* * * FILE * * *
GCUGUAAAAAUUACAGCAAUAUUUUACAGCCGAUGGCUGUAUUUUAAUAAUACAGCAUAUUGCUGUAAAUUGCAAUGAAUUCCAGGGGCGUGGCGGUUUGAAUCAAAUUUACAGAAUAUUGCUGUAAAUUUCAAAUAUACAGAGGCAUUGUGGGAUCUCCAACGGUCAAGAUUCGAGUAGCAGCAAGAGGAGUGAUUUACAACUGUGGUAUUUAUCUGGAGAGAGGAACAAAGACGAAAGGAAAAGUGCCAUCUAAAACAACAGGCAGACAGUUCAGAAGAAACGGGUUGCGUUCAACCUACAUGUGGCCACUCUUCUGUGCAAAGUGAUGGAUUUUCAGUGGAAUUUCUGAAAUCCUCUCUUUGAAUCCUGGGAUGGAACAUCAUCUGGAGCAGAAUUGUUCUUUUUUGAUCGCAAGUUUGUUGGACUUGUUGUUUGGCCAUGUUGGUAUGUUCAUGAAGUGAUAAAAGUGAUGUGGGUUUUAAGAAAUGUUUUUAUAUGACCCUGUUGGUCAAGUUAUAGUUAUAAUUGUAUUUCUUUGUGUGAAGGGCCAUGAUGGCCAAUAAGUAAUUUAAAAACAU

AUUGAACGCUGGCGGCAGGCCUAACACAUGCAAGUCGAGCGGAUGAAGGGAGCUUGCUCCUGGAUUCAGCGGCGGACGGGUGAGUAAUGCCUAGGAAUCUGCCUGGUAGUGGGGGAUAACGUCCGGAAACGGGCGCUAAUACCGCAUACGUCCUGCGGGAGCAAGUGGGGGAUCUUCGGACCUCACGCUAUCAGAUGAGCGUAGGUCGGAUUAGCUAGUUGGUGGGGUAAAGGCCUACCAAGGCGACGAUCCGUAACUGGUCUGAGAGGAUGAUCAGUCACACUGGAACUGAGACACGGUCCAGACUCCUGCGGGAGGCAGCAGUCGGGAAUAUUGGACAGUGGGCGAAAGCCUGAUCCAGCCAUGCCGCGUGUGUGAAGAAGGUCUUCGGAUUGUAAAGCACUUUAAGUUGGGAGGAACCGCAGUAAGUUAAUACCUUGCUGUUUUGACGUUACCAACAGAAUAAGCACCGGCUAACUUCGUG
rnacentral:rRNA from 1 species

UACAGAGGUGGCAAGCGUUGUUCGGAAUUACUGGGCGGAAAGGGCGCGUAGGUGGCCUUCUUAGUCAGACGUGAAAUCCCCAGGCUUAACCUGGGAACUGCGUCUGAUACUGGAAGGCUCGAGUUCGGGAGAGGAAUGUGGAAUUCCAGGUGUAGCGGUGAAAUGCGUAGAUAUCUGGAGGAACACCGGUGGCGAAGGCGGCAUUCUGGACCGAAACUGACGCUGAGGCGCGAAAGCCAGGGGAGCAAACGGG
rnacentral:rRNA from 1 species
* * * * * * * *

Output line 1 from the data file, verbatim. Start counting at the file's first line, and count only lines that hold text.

GCUGUAAAAAUUACAGCAAUAUUUUACAGCCGAUGGCUGUAUUUUAAUAAUACAGCAUAUUGCUGUAAAUUGCAAUGAAUUCCAGGGGCGUGGCGGUUUGAAUCAAAUUUACAGAAUAUUGCUGUAAAUUUCAAAUAUACAGAGGCAUUGUGGGAUCUCCAACGGUCAAGAUUCGAGUAGCAGCAAGAGGAGUGAUUUACAACUGUGGUAUUUAUCUGGAGAGAGGAACAAAGACGAAAGGAAAAGUGCCAUCUAAAACAACAGGCAGACAGUUCAGAAGAAACGGGUUGCGUUCAACCUACAUGUGGCCACUCUUCUGUGCAAAGUGAUGGAUUUUCAGUGGAAUUUCUGAAAUCCUCUCUUUGAAUCCUGGGAUGGAACAUCAUCUGGAGCAGAAUUGUUCUUUUUUGAUCGCAAGUUUGUUGGACUUGUUGUUUGGCCAUGUUGGUAUGUUCAUGAAGUGAUAAAAGUGAUGUGGGUUUUAAGAAAUGUUUUUAUAUGACCCUGUUGGUCAAGUUAUAGUUAUAAUUGUAUUUCUUUGUGUGAAGGGCCAUGAUGGCCAAUAAGUAAUUUAAAAACAU